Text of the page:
Highland County Job and Family Services Director Katie Adams told county commissioners Wednesday that there are currently 101 children in the foster system in Highland County, costing the county $1.9 million annually for foster home placement.
According to Adams, the cost is higher than normal due to a larger amount of older juveniles and siblings needing placement, as well as children with behavioral problems. There are currently 15 foster parents in Highland County now, Adams said, meaning many children must be placed in other counties, incurring higher costs.
Adams reported there have been six adoptions so far this year, and six more are currently pending. She said she hopes there will be 15 to 20 adoptions in total this year.
Adams said JFS will provide free foster care certification classes from May 23 to June 29. According to Adams, once foster parent trainees finish classes, they must apply for a license and undergo home visits and interviews, as well as a safety audit and fire inspection in their home. Upon receiving a foster parenting license, parents will be paid for attending the classes, Adams said.
Adams said the time frame for becoming a foster parent is about six months.
For more information on becoming a foster parent, contact foster care coordinator Jodi Kidder at 937-402-5055.
According to Adams, HCJFS is one of 14 JFS entities participating in Ohio START (Sobriety, Treatment, and Reducing Trauma), an intervention program funded by the state attorney general’s office providing specialized victim services to children who have suffered victimization due to parental drug use.
According to a release from Ohio Attorney General Mike DeWine, START brings together child protective services, peer mentors, the courts and behavioral health and treatment providers to work closely with families whose children have been abused or neglected due to parental drug addiction.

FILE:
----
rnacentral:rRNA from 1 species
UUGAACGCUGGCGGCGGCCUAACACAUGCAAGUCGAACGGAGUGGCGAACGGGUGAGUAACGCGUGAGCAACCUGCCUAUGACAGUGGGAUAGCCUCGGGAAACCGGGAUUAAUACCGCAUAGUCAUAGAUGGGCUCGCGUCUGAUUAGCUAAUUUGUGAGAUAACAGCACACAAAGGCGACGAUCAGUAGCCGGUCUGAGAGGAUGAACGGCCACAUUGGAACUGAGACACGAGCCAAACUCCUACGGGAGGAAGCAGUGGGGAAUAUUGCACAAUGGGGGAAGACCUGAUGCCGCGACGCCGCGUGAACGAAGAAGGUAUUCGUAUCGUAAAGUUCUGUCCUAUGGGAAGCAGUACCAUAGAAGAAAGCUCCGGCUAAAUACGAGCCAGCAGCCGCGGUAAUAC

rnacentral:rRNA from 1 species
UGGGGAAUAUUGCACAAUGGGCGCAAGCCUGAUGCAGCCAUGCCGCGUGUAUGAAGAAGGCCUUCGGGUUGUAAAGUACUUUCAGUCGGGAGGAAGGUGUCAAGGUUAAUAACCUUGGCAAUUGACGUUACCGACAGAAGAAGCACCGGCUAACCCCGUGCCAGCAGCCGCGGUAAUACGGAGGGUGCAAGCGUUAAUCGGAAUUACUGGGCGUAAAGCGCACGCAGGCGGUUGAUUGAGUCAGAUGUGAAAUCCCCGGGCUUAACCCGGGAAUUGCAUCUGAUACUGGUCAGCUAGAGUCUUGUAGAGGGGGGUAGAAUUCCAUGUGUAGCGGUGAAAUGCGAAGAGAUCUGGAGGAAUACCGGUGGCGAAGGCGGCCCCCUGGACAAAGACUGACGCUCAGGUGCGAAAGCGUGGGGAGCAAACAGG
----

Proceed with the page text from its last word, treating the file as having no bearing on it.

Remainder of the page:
HCJFS can be reached at 937-393-4278.
Adams and several caseworkers and staff members from JFS attended the meeting, and the commissioners declared April Child Abuse Prevention Month in Highland County.
Keith Alcorn and Bev Jeffries of Highco, Inc. also attended the meeting, updating the commissioners on the nonprofit’s activities.
Alcorn, CEO of Highco, said the nonprofit became independent from the Highland County Board of Developmental Disabilities on Jan. 1 of this year, and so far the separation has been going smoothly.
According to Alcorn, Highco recently received CARF (Commission on Accreditation of Rehabilitation Facilities) accreditation, and is looking to expand to a larger facility.
Alcorn also said Highco will be hosting youth job training camps this summer for those with disabilities. According to Alcorn, disabled youths in attendance can chose from a variety of work stations where they can learn about different occupations.
The commissioners also passed a motion to upgrade the office’s email provider for $1,200 per year, and reviewed applications for a janitorial position.
Commissioner Jeff Duncan said he recently attended the 75th anniversary celebration for the Highland County Soil & Water Conservation District, Ohio’s first district of its kind. Duncan said the Highland County Historical Society made a presentation on the World Plowing Matches in Adams County.
Commissioner Terry Britton said three people were recently appointed to the new policy committee for the Ross, Pickaway and Highland County Solid Waste District, including Heidi Devine, Highland County recycling outreach specialist.
Commissioners also passed routine financial resolutions.
Reach David Wright at 937-402-2570, or on Twitter @DavidWrighter.